• Wand of Decay: The target enemy unit cannot regenerate life by any means for the next 15 seconds. Great for pinning enemy heroes inside their base.
  • Repair Kit: Instantly heals the target building by 220 life, has a 35 second cooldown, and must be used at melee range. Buildings have an unusually low amount of life for the genre (1200 for towers, 500-900 for factories), which means that Repair Kits and regular maintenance are important for keeping buildings above the “easily killable” threshold.

Each of these consumable items unlocks a strategic opportunity, which means that there’s a surprising amount of contenders for a player’s gold. The fact that these opportunities are contained within a single item rather than being entirely separate mechanisms is neat, and sets a precedent which makes adding new game-changing consumables quick and easy. It’s great to see a game where spending gold for a short-term gain can be so routinely interesting and powerful.

Gold is distributed equally among the team for each enemy troop that dies, no matter where it happened on the map, or who witnessed it. Thus, both teams in a 1v4 would receive the same amount of gold over time, except for any extra earned due to hero kills. Experience is gained only by heroes who are near a dying enemy unit.

It’s worth noting that all items can be sold for a full refund, allowing players to rapidly convert their permanent assets into consumables or switch to a completely different build.


Heroes:

There are eight heroes in Sunken Ruins, which limits the game to 4v4 (though there were plans for two more heroes, to support 5v5). Thus, every hero will appear in every match, but not necessarily on the same teams.

Heroes have three basic abilities, an ultimate which becomes available at level 5, and a global aura which is available at level 10. Mana costs are standardised at 10 mana for basic abilities, and 20 mana for ultimates. Those heroes with lower cooldowns can burn through their mana faster than others, though a hero’s maximum mana will grow from 100 to 150-200 over the course of a match, which is generous compared to other genre games. The abilities are pretty, have a nice level of complexity, and make the heroes fun to use.


A short clip of hero combat in action.

The level 10 global auras only affect non-hero units, so assuming they are balanced evenly, the first few heroes to reach level 10 will enjoy a small window of applying some passive lane pressure, and thereafter the system only kicks in while enemy heroes are dead. The auras aren’t varied or powerful enough to be worth picking heroes over, and if they were, that would be a problem unto itself for placing so much emphasis on a reward for simply being alive.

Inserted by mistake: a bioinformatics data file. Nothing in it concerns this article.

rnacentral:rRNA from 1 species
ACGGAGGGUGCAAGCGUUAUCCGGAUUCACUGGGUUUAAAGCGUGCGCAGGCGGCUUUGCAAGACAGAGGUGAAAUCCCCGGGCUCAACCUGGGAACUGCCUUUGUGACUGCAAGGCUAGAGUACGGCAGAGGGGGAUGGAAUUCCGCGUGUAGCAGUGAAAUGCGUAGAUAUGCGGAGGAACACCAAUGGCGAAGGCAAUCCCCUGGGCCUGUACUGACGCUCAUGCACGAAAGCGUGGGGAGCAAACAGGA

All the troops end up with thick blue aura indicators beneath them.


Overview:

Sunken Ruins does a fine job of solving one of the issues which has plagued many an AoS: stopping matches from dragging on. Allowing unit factories to be destroyed, rewarding both map control and killing enemy heroes with a lane pressure advantage (in the form of global auras), the lack of defensive base features like walls or a fountain, and the “healing freeze” consumable all combine to snuff out losing teams fast. The result might be too damning, but numbers are easy to adjust once you have the right systems in place.

While it’s easy to pick up and play, the game suffers from a lack of replay value. Each hero is fun, but they all fulfil essentially the same role, and there aren’t enough items to facilitate build experimentation. There are different ways to approach this problem: declare it’s beyond the map’s scope and doesn’t need solving, add more content, or diversify the existing heroes to the point where they have roles within the team, and players can learn the different roles.

I’m not sure which is “best” for the character of the map, but one thought did occur to me: this is a rare case where reducing the hero inventory size from six items to four might be a good idea. It would limit a player’s ability to have all the relevant items they would like, and creates harder decisions among the existing items (particularly when it comes to carrying consumables). It also fits with the map’s philosophy of doing a lot with less.

Overall, Sunken Ruins stands out for delivering an engaging and tactically interesting game by making use of relatively few, but carefully chosen and efficiently implemented mechanics.

Download: Here

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One thought on “Review: AoS Sunken Ruins

  1. WaterKnight just send me the link to this review – thanks a lot for your very long but very interesting review of my map.

    Good job! :)